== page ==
Get-hooked February 1, 2021
Film ‘Making Sense’ starring people with disabilities representing 5 senses to premiere at Boston SciFi
Making Sense is the first independent feature film starring people with disabilities representing five primary senses. The film will premiere at the Boston SciFi, also known as The Boston Science Fiction Film Festival from 10 to 15 February.
An ageing neuroscientist grappling with the deterioration of his cognitive senses teams up with graduate students to prove his hypothesis that individuals with disabilities hold the key to unlocking a sixth sense.
That’s the theme of Making Sense, an independent film which is the first to feature five people with disabilities, each of them lacking one of the primary senses – sight, hearing, taste, touch and smell.
The film will be visually screened at the 46th Annual Boston Sci-Fi Film Festival on 11 February. The festival is the longest running genre film festival in the United States and is back for its 46th year in a virtual environment with online screenings. There will be 100 films screened over five days.
Film screening on 11 February
Making Sense is based on the science of neuroplasticity – the brain’s ability to re-wire itself to compensate for a missing or diminished sense. One of the early pioneers of this was Paul Bach-y-Rita who developed the concept of sensory substitution in the 1960s to treat patients with disabilities, often those caused by neurological problems. One of the first applications of sensory substitution he created was a chair which allowed blind people to ‘see’ by using vibrating plates on the user’s back. Today, sensory therapies are used commonly to treat recovering stroke victims to aid in the re-wiring of their brains.
In Making Sense, people with disabilities representing the five physical senses played roles with their respective diminished senses. The film aims to change the perception of people of disabilities from being “damaged” to those with enlightened senses in other areas.
We’ve created something fun and entertaining that helps turn the disability equation on its head. Instead of focusing on disability, the film exemplifies the unique abilities our diverse cast brings to the table. – Gregory Bayne, Director-Producer-Co-writer, Making Sense
Making Sense, adds Bayne, was an opportunity to pay homage to the films that inspired him in his youth like Tron, WarGames, and Back to The Future, “in a fresh and interesting way.”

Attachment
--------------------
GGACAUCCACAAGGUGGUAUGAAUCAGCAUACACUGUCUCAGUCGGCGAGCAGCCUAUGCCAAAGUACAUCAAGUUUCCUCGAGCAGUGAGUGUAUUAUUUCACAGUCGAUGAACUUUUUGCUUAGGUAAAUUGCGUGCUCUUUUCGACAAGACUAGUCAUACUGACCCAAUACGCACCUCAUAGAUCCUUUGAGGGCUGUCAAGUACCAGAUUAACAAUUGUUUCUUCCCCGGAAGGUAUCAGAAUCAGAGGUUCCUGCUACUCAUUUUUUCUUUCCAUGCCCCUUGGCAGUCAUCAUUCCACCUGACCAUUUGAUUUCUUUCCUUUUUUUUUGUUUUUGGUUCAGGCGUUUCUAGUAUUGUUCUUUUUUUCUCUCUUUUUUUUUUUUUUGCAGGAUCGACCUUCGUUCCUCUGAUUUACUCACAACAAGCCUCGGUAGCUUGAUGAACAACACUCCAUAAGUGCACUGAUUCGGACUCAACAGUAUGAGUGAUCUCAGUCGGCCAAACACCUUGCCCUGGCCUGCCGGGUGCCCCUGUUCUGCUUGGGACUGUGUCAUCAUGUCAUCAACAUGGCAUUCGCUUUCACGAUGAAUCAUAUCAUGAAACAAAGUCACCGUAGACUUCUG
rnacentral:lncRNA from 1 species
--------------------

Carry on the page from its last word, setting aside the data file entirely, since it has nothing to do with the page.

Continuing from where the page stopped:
The cast features Richard Klautsch and Jessi Melton in the lead roles. Klautsch is a veteran stage actor while Melton has starred in several short, independent films before landing the role of Jules in an open audition that drew over a hundred actors.
Newcomers play 5 senses
Five acting newcomers play supporting roles representing the five physical senses. They are Mike Barnett (sight), Taylor Gonzalez (hearing), Miguel Ayala (taste), Makenzie Ellsworth (touch), and Nyk Fry (smell). They were cast after open auditions.
The characters in the film range from a quadriplegic college student to an elderly blind man who overcome societal challenges and personal fear to successfully participate in a series of experiments aimed at uncovering senses that border on the “superhuman”. Making Sense is envisioned as a cross between the films On Golden Pond and Stranger Things. There’s a mixture of humour, science fiction and poignant moments to leave the audience with a different perception of the abilities of people with disabilities.
Making Sense bucks the trend of disability being underrepresented in films. Only 2.7% of characters in the 100 highest-earning movies of 2016 were depicted with a disability, despite 20% of the U.S. reporting a disability. This is according to a study by the University of Southern California’s Annenberg School for Communication and Journalism, 2017.
Making Sense has also engaged top production talent in Idaho to provide mentorship to aspiring filmmakers in the community with a special emphasis on people with disabilities. Understudies in the following disciplines are learning the craft through working hands-on with the film.
Many non-profits were involved in the making of the film. These include Jack’s Urban Meeting Place (JUMP), Boise State, One State, Idaho Parents Unlimited, IncludeAbility Inc., Idaho Education Services for the Deaf and the Blind, Idaho Commission for the Blind and Visually Impaired and Idaho Council for the Deaf and Hard of Hearing.
Tickets for Making Sense are available here.
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